Their regulating effect on the digestive system means that they can also be used in the treatment of diarrhea and by helping to soften the stool they reduce the irritation of hemorrhoids.
The gelatinous mucilage produced when psyllium is immersed in water has the ability to absorb toxins within the large intestine. Hence it helps remove toxins from the body and can be used to reduce self-toxicity.
The oil present in the seed embryo contains 50% linoleic acid and has been used as a preventative of atherosclerosis.
It is also effective in lowering blood cholesterol levels.
Among other uses it should be remembered that a mucilage found in the integument is sometimes used as a starch to stiffen the linen.

Preparation Method –
Plantago ovata is a plant that is used both in the food field and as a medicinal herb.
The young leaves can be eaten both raw and cooked while the sprouted seeds are eaten in salads.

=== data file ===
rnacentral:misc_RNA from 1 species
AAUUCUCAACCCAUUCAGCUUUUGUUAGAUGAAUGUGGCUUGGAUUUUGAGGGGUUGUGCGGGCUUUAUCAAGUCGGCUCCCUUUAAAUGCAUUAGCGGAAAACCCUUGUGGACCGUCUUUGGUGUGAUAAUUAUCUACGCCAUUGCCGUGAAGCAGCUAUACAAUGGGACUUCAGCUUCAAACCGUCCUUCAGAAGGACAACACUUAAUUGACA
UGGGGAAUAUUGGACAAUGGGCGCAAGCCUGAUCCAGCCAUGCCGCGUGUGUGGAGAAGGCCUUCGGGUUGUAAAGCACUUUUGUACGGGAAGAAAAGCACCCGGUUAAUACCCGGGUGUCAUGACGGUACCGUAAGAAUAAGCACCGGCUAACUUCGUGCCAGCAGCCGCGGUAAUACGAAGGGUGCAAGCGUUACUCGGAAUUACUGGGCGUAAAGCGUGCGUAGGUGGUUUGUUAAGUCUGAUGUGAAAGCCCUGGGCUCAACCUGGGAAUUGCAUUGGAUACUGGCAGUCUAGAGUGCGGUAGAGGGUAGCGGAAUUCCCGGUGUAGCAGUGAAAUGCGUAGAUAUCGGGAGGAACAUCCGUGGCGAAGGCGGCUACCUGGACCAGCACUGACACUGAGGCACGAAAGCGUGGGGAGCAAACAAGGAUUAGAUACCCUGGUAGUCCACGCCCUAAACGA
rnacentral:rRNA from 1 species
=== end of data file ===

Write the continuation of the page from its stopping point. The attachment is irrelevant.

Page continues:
The mucilage contained in the integument is used to stabilize ice cream, chocolate, etc.
In the medicinal field it has been used for thousands of years as a safe and effective laxative in Western herbal medicine, using the property of seeds to significantly increase the volume when immersed in water.

Guido Bissanti

– Acta Plantarum – Flora of the Italian Regions.
– Wikipedia, the free encyclopedia.
– Useful Tropical Plants Database.
– Conti F., Abbate G., Alessandrini A., Blasi C. (ed.), 2005. An annotated checklist of the Italian vascular flora, Palombi Editore.
– Pignatti S., 1982. Flora of Italy, Edagricole, Bologna.
– Treben M., 2000. Health from the Lord’s Pharmacy, Advice and experiences with medicinal herbs, Ennsthaler Editore.

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Warning: Pharmaceutical applications and alimurgical uses are indicated for informational purposes only, they do not represent in any way a medical prescription; therefore no responsibility is taken for their use for curative, aesthetic or food purposes.